It is contemplated that other assemblies may be used for holding the probe such that the probe may swivel freely such as a spherical bearing assembly, an elastomeric mounting arrangement or fluid filled rings. All such other assemblies are considered to be within the scope of the present invention.
A workpiece clamp support beam 46 is also secured to the upright standard 16 by means of transverse bore 48 through which the upright standard 16 extends. A thumb screw 50 and slot 51 arrangement secures the support beam 46 to upright standard 16 by tightening screw 50. At the end of the clamp support beam 46 opposite the end secured to the upright standard 16, a transverse bore 52 is provided through which slidably extends a hollow tube 54. A longitudinal groove 55 is provided on the outer surface of hollow tube 54. In a preferred embodiment, as shown in FIG. 1, the tube 54 extends generally downwardly toward the base 14. The tube 54 is prevented from rotational movement in bore 52 by guide pin 56 mounted in clamp support beam 46 and extending into seating engagement with groove 55. A clamp rod 58 has a diameter selected to slidably fit inside tube 54. The clamp rod 58 may be moved upwardly or downwardly, as shown in FIG. 1, and may be held in a particular vertical position by tightening thumb screw 60. A thumb screw 62 together with thumb screw 60 act as vertical stops to limit the downward and upward movement, respectively, of tube 54. Tube 54 may be inserted in another bore 52a. This bore together with corresponding guide pin 56a may be used if appropriate in properly positioning the workpiece against probe head face 70 during a measurement.
At the lower end of clamp rod 58 as shown in FIG. 1, is mounted a conventional ball swivel assembly 64, having a locking thumb screw 68 for locking the swivel assembly in a selected position. A spring biased clamp 66 is affixed to the ball swivel assembly 64. The clamp 66, being mounted to the ball swivel assembly 64, may be swiveled in any direction. Once a position is selected, clamp 66 may be secured in this position with locking thumb screw 68. The clamp 66 is used to hold the workpiece to be measured as shown in FIG. 2. The above description of clamp means for holding the workpiece was for purposes of illustration only. Other means such as pressure pins could be used for holding the workpiece against a probe head face 70 of probe 18 and are considered to be within the scope of the present invention.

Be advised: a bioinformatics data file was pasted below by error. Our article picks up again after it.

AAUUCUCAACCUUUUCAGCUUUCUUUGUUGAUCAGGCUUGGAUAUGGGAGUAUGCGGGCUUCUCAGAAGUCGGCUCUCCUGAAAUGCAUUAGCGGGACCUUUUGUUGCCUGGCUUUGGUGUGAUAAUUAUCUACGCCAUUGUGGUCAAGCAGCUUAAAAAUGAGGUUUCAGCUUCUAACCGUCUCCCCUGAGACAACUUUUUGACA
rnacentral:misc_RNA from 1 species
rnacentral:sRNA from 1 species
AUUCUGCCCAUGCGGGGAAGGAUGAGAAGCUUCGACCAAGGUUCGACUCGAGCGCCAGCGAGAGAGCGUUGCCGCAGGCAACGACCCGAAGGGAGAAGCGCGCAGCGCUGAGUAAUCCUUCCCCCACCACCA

To use the probe holder and guide 10, a workpiece having the coating to be measured is placed in the clamp 66. The set screws 60 and 68 are loosened so that the clamp rod 58 and ball swivel assembly 64 are freely movable. The workpiece to be measured is positioned to abut the probe head face 70 of probe 12. The set screw 68 is then tightened to lock the ball swivel assembly 64 in this position. Then the clamp rod 58 is moved downwardly, either forceably by the user or if appropriate by the weight of the clamp and the workpiece, bringing force to bear on the probe head face 70. The probe 12, being able to swivel freely in any direction, will swivel until the resultant vector through the center of moment of the static forces through the workpiece acting on the probe head at the point or points of contact between the workpiece surface and the face of the probe head passes through the geometric center of the probe head face. The set screw 60 may then be tightened to secure the workpiece in abutting relation with probe head face 70. In a preferred embodiment, the weight of the clamp and the workpiece is sufficient to cause the probe to swivel to the proper position. If it is not, it is contemplated that the clamp rod 54 be moved downwardly forceably by the user and locked in the downward position by a set screw (not shown) mounted in clamp support beam 46.